I personally was so put off by the experience that I didn't go back and subsequently blocked a lot of the experience from my memory. I'd rather have a colonoscopy. At least I'll know how healthy my bowels are, because I do remember swearing under punishment of disembowelment to not divulge the secret handshakes and whatever else I blocked out of my memory. I'm sure with enough mushrooms the whole experience would come back to me. Hopefully nobody shows up at my door demanding my innards.
Excited, enter temple, undress, put on crazy sheet, confused, scared, dress, watch movie, bored, stand up and screw with goofy costume, bored, confused, stand in circle and chant, scared, play tiddlywinks with stranger through sheet, confused, wait in celestial room....then leave... Ultimately it was a huge let down. It was kind of amusing, I mean who knew the temple was so bat shit goofy.
In my first endowment session, I sobbed LOUDLY through the whole thing pretty much. My friend next to me asked if I was crying because of the spirit or because it was weird. I answered "weird". I think it must have been pretty obvious I was freaked out by it.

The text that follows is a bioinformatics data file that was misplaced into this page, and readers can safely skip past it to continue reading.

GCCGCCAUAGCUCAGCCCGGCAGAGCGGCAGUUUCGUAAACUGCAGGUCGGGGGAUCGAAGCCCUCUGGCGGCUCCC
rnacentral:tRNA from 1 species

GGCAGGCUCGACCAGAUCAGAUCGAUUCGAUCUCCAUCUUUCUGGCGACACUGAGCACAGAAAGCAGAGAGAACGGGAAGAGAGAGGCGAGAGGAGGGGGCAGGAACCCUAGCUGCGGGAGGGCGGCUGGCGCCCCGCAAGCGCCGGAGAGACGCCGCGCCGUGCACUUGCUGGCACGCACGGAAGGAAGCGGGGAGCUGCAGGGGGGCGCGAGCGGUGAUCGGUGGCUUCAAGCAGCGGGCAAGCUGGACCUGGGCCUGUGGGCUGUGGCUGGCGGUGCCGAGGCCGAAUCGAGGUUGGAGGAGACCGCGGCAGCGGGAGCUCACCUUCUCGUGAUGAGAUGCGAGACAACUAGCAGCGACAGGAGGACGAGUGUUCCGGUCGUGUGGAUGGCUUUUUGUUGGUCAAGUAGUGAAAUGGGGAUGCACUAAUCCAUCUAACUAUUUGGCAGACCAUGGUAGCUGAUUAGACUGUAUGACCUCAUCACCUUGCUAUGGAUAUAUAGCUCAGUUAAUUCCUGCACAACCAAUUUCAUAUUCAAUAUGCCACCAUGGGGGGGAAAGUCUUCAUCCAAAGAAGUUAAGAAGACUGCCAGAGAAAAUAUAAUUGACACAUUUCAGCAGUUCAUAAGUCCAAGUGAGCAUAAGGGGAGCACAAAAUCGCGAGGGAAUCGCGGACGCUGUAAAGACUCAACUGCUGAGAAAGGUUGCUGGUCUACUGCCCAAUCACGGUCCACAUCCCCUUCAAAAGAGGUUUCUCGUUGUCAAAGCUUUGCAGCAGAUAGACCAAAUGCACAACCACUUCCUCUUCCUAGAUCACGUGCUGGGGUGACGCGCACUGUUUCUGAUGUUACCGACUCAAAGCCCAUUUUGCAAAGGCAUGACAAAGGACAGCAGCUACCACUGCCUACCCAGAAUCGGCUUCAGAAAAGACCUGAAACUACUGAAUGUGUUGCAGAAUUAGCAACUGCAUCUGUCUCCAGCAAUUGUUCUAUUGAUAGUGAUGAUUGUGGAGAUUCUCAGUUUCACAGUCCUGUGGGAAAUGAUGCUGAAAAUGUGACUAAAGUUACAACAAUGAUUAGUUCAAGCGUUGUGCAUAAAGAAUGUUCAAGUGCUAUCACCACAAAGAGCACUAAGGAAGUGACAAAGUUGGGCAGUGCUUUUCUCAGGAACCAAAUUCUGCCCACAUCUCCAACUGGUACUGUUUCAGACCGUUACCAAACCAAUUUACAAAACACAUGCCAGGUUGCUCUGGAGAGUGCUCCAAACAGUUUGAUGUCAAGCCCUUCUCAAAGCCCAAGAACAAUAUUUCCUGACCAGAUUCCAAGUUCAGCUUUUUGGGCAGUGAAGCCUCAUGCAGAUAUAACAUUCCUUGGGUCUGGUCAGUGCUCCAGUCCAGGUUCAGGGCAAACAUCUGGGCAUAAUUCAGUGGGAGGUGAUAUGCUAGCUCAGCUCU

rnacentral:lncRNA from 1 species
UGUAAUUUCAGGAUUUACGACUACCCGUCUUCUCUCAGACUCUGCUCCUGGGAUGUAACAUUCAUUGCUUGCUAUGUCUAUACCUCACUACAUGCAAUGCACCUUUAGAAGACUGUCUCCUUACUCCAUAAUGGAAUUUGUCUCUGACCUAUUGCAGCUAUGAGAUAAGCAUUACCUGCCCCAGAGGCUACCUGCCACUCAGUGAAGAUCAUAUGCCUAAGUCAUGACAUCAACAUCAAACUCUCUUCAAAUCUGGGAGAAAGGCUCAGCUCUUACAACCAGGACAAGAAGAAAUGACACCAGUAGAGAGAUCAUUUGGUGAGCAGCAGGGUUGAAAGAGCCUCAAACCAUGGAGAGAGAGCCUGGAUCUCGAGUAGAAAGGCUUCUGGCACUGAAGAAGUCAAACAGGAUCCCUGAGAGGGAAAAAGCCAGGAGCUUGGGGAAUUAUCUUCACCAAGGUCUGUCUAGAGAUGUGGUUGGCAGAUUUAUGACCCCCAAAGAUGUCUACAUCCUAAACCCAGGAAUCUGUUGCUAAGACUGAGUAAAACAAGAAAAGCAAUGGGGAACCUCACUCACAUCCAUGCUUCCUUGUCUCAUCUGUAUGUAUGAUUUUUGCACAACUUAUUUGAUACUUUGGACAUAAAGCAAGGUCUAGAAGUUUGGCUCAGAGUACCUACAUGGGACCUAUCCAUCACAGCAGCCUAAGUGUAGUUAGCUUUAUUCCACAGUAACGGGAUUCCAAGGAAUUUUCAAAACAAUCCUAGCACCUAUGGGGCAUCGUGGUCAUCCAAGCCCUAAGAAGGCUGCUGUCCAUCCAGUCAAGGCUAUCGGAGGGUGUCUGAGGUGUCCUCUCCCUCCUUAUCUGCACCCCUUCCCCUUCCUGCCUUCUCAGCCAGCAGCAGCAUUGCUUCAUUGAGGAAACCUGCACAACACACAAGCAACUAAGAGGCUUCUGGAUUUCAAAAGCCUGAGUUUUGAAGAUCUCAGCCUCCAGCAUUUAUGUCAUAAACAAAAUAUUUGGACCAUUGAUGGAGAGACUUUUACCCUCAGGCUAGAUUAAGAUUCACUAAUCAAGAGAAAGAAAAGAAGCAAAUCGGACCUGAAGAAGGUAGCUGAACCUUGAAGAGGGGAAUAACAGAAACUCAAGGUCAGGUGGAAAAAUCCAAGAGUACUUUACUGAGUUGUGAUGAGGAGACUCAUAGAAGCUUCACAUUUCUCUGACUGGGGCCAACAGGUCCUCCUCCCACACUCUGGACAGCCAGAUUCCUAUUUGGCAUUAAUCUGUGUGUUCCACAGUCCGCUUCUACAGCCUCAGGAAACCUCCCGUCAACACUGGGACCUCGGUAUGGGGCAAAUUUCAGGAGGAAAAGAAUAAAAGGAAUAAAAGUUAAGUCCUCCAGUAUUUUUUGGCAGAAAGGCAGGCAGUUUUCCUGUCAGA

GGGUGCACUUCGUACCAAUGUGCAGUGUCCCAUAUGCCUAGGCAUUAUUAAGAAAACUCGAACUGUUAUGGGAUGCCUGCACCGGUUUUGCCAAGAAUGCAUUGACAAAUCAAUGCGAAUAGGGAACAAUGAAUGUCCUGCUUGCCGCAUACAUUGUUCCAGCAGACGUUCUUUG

The really weird thing, if you ask me, is that everyone just ignored it. None of those nice temple workers took me aside and said, "Are you sure you want to go through with this? You don't have to, you know", or "Is there something I can help you understand?" I was getting married the next day, so I pretty much felt I had to.
I was comforted by telling myself that if it was true, I wanted to make these covenants, and if it wasn't, it didn't matter. I remember feeling somewhat happy/relieved when I went through to the celestial room and there was my fiance waiting for me. (If I were him, I might have pretended not to know me after the scene I'd made ).
------------------------Was a bit nervous, very open-minded, sort of excited. Got into the temple thinking how totally cool this was. Then I was taken to the counter to rent the temple packet. As the cash register went "ka-ching" I had my first powerful "WTF?" moment in the temple.
Money-changing? In the temple? I thought this was the House of the Lord; didn't he beat people with a whip for doing exactly this?